One of our church pastors – we’re blessed with a tag-team, a hard-working couple with big hearts, and vivacious children – decided to make a video on biblical justice for a sermon series, and asked me to contribute due to my involvement in a prison ministry. Here’s the original script with details that hit the cutting room floor. The video turned out well, and it’s included here, but the context always helps.
Tampa Heights, Florida: 1980
The concept of biblical justice is so broad and detailed that I can’t cover it in three minutes. But I can tell a couple of stories that illustrate the idea.
In 1980 I worked at Tampa Heights Hospital in Florida, a psychiatric facility eerily resembling the novel/movie One Flew Over the Cuckoo’s Nest. The gloomy, unclean building was a dark stage for constant drama. My pay was $3.20 per hour for wrestling unhinged people to the ground while nurses shot them up with Thorazine.
On my first day at work, a woman in her eighties struggling with severe dementia arrived in an ambulance. She’d been living at home with eight dogs, eating fido-food out of their dishes, sleeping with them in piles of rags, and defecating on the kitchen floor. Suddenly I was the only aide left standing there during her intake. I wondered why the others melted away. Looks like you get to clean her up, said the doctor. I donned three layers of plastic and tossed her into a hot tub filled with suds. On the third bath, fleas still jumped off as she giggled like a three-year-old.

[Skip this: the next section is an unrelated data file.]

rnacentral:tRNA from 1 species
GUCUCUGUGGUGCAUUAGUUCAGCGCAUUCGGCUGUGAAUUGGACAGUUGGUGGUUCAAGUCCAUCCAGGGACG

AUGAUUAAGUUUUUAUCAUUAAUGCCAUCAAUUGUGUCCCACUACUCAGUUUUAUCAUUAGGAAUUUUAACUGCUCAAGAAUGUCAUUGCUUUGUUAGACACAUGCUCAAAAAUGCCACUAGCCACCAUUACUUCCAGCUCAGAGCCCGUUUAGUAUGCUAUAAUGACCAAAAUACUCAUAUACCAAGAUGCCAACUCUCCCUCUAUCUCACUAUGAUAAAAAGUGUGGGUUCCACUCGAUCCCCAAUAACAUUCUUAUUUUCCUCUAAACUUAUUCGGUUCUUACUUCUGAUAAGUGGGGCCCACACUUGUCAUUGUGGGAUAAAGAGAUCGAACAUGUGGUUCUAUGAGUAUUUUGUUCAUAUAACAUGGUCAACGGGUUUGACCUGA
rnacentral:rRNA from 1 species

A few months later the federal government decided to cut off financial aid to all those seeking psychiatric hospitalization, but couldn’t pay for it themselves. The ink was still fresh on President Carter’s Mental Health Systems Act – which supported and financed community mental health support systems – but newly elected Ronald Reagan killed it with the Omnibus Budget Reconciliation Act of 1981, sending people to the streets.
President Reagan never understood mental illness. Like Richard Nixon, he was a product of the Southern California culture that associated psychiatry with Communism. Two months after taking office, Reagan was shot by John Hinckley, a young man with untreated schizophrenia. Two years later, Reagan called Dr. Roger Peele, then director of St. Elizabeth’s Hospital, where Hinckley was being treated, and tried to arrange to meet with Hinckley, so that Reagan could forgive him. Peele tactfully told the president that this was not a good idea. Reagan was also exposed to the consequences of untreated mental illness through the two sons of Roy Miller, his personal tax advisor. Both sons developed schizophrenia; one committed suicide in 1981, and the other killed his mother in 1983. Despite such personal exposure, Reagan never exhibited any interest in the need for research or better treatment for serious mental illness. -- Wikipedia
Patients were told they could re-enter the now “private” facility if they forked over $250 cash.
No one had the cash.
They didn’t have their wits, must less the cash.
We dumped everyone onto the street. To my perpetual shame.
I looked up Tampa Heights Hospital to see if it still existed. Using an address I found for the old location, I discovered an article saying investors bought the place and turned it into a high-dollar drug rehab facility for rich customers. Ka-Ching.
Fast forward forty-one years and now I’m a Kairos volunteer.
Kairos is an organization that carries the knowledge of the saving grace of Jesus Christ to people in prison. It’s extremely successful because those who come to Christ change their lives in a positive direction, as shown in recidivism rates.
I visit the prison four times a month, teaching creative writing and attending Prayer and Share Tuesday night services with Kairos Weekend alumni.
When we’re in the prison on a Kairos Weekend twice a year, we view the medicine line, where prisoners are dispensed their psychiatric drugs. The line wraps around the building. Lately, thugs from gangs are beating up people in wheelchairs so they can get to the head of the line.